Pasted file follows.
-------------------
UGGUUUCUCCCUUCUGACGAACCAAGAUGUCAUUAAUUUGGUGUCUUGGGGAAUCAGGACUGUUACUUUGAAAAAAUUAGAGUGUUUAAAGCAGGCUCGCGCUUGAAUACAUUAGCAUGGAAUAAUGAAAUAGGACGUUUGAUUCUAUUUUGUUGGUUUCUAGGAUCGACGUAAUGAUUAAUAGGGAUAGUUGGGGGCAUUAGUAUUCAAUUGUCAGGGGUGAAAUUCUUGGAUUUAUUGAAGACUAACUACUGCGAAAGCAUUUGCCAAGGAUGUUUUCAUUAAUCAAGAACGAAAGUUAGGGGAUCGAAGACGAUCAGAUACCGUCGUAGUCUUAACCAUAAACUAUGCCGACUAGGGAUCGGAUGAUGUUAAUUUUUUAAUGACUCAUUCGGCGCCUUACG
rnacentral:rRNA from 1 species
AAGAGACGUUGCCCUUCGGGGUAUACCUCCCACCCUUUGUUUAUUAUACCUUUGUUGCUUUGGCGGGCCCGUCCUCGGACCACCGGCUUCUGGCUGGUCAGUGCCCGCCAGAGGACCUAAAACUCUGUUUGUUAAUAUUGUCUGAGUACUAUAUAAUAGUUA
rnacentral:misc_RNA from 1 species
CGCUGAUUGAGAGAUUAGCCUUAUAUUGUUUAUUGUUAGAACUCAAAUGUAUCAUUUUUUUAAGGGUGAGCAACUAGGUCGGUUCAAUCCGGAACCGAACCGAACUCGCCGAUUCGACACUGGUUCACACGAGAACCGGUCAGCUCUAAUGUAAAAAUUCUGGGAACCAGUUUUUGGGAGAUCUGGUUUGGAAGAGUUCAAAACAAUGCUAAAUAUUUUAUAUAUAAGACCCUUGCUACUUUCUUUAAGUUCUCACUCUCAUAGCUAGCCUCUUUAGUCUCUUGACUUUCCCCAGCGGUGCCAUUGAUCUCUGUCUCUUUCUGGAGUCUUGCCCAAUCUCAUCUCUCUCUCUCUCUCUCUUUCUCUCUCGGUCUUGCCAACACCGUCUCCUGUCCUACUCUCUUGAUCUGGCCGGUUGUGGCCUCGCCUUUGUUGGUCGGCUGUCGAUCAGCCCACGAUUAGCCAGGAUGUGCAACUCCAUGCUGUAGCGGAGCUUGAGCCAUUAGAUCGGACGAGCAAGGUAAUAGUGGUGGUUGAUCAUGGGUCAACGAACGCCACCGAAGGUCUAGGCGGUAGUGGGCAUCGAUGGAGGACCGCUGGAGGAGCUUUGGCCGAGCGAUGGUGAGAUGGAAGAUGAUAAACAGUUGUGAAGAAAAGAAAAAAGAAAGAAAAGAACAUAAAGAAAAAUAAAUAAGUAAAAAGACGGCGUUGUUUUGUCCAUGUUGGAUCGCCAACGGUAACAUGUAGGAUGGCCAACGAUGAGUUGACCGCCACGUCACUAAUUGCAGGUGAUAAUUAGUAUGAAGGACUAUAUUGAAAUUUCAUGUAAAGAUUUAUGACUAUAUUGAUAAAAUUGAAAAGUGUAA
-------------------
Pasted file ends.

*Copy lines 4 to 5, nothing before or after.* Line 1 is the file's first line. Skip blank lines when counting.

rnacentral:misc_RNA from 1 species
CGCUGAUUGAGAGAUUAGCCUUAUAUUGUUUAUUGUUAGAACUCAAAUGUAUCAUUUUUUUAAGGGUGAGCAACUAGGUCGGUUCAAUCCGGAACCGAACCGAACUCGCCGAUUCGACACUGGUUCACACGAGAACCGGUCAGCUCUAAUGUAAAAAUUCUGGGAACCAGUUUUUGGGAGAUCUGGUUUGGAAGAGUUCAAAACAAUGCUAAAUAUUUUAUAUAUAAGACCCUUGCUACUUUCUUUAAGUUCUCACUCUCAUAGCUAGCCUCUUUAGUCUCUUGACUUUCCCCAGCGGUGCCAUUGAUCUCUGUCUCUUUCUGGAGUCUUGCCCAAUCUCAUCUCUCUCUCUCUCUCUCUUUCUCUCUCGGUCUUGCCAACACCGUCUCCUGUCCUACUCUCUUGAUCUGGCCGGUUGUGGCCUCGCCUUUGUUGGUCGGCUGUCGAUCAGCCCACGAUUAGCCAGGAUGUGCAACUCCAUGCUGUAGCGGAGCUUGAGCCAUUAGAUCGGACGAGCAAGGUAAUAGUGGUGGUUGAUCAUGGGUCAACGAACGCCACCGAAGGUCUAGGCGGUAGUGGGCAUCGAUGGAGGACCGCUGGAGGAGCUUUGGCCGAGCGAUGGUGAGAUGGAAGAUGAUAAACAGUUGUGAAGAAAAGAAAAAAGAAAGAAAAGAACAUAAAGAAAAAUAAAUAAGUAAAAAGACGGCGUUGUUUUGUCCAUGUUGGAUCGCCAACGGUAACAUGUAGGAUGGCCAACGAUGAGUUGACCGCCACGUCACUAAUUGCAGGUGAUAAUUAGUAUGAAGGACUAUAUUGAAAUUUCAUGUAAAGAUUUAUGACUAUAUUGAUAAAAUUGAAAAGUGUAA